Geothermal Convection Through Oceanic Crust and Sediments in the Indian Ocean

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Science  25 May 1979:
Vol. 204, Issue 4395, pp. 828-832
DOI: 10.1126/science.204.4395.828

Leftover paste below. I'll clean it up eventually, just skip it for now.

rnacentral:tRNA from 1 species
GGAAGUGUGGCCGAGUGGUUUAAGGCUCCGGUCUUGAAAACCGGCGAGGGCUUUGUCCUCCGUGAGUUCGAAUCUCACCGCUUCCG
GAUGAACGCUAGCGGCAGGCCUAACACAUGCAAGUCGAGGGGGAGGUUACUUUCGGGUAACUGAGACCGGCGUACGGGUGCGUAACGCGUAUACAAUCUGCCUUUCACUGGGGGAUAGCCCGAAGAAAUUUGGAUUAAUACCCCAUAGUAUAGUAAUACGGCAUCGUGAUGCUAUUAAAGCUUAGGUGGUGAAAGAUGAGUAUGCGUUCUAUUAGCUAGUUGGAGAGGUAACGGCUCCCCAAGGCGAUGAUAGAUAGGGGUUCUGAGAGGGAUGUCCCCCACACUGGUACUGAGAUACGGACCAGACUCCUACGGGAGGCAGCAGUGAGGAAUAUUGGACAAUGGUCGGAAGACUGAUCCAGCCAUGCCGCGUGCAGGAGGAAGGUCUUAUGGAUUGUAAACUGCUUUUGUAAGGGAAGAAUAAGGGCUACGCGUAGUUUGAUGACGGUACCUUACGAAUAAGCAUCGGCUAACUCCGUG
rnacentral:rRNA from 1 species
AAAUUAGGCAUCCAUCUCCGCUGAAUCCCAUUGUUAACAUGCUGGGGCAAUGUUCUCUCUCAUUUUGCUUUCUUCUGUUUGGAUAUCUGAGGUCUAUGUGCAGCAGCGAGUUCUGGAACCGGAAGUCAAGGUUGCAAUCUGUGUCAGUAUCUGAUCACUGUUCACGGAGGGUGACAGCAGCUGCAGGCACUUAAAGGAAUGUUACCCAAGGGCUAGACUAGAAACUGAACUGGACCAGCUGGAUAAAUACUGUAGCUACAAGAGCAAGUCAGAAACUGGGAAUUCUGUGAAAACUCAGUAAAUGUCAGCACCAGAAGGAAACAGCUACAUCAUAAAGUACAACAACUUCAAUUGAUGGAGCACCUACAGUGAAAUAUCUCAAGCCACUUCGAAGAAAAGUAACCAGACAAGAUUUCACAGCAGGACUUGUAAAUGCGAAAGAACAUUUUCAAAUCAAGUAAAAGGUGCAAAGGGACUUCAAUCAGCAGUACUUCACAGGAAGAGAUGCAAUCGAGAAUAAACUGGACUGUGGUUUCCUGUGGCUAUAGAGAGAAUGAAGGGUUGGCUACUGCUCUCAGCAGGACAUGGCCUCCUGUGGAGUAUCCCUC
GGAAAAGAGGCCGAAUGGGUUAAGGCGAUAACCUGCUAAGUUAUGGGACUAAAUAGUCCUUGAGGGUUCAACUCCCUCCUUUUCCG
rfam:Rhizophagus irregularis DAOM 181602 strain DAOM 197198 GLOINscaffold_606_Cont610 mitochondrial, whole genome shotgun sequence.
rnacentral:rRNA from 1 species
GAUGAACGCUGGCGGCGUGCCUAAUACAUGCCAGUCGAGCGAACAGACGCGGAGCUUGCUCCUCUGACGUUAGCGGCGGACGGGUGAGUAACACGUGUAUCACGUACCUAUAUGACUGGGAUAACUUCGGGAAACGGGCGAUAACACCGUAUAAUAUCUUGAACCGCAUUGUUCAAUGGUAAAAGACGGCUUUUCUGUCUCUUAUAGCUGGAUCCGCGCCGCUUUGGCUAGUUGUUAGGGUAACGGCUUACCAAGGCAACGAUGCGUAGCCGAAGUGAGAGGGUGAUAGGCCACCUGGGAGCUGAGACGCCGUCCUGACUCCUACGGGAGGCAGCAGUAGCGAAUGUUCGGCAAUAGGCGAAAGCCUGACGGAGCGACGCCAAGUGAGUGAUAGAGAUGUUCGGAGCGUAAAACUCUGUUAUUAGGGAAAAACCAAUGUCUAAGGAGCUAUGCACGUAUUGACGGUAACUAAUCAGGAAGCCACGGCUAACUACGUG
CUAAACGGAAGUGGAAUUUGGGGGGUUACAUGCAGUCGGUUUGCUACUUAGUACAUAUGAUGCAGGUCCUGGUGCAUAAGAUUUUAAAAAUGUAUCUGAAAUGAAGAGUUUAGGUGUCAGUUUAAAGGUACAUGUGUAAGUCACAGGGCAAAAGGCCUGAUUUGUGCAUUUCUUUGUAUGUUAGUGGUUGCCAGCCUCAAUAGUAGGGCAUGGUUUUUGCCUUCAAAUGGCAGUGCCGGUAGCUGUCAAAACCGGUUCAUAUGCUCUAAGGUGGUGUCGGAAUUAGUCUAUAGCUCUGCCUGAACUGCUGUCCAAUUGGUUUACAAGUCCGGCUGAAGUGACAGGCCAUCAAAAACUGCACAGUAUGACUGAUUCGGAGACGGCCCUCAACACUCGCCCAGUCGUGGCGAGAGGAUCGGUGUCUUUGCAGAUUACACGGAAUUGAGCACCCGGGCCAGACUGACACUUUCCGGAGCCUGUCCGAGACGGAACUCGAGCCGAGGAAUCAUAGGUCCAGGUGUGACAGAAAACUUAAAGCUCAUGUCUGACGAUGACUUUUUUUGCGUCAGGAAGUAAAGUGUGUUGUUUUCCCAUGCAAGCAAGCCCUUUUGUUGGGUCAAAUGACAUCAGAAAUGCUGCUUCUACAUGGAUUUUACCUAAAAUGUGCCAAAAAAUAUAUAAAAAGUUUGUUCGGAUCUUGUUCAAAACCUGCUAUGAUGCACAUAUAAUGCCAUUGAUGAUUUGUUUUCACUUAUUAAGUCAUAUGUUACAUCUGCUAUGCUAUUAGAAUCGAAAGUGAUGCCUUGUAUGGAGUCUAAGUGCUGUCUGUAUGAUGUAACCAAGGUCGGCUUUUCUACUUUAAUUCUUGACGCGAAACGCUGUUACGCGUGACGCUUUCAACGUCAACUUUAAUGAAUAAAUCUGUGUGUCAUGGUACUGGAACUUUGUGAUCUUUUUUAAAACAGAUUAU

Closely spaced heat flow surveys at four sites on the flanks of the Central Indian Ridge and the Southeast Indian Ridge delineate a pattern of oscillatory heat flow which can only result from cellular convection of oceanic bottom water through the oceanic crust and overlying sediment. These cells have a wavelength of 5 to 10 kilometers and are presently active in sea floor 18 x 106, 25 x 106, and 45 x 106 years old of the Crozet Basin and in sea floor 55 x 106 years old of the Madagascar Basin. The precise measurement of nonlinear temperature profiles makes it possible to calculate the conductive and convective heat transfer components through the sea floor. Even in the oldest sites, geothermal convection is still a major component of heat transfer through both the crust and sedimentary layers. These observations coupled with the results of earlier oceanwide geothermal studies indicate that more than one-third of the entire surface area of the world's ocean floor contains presently active geothermal convection that is cellular in plan form.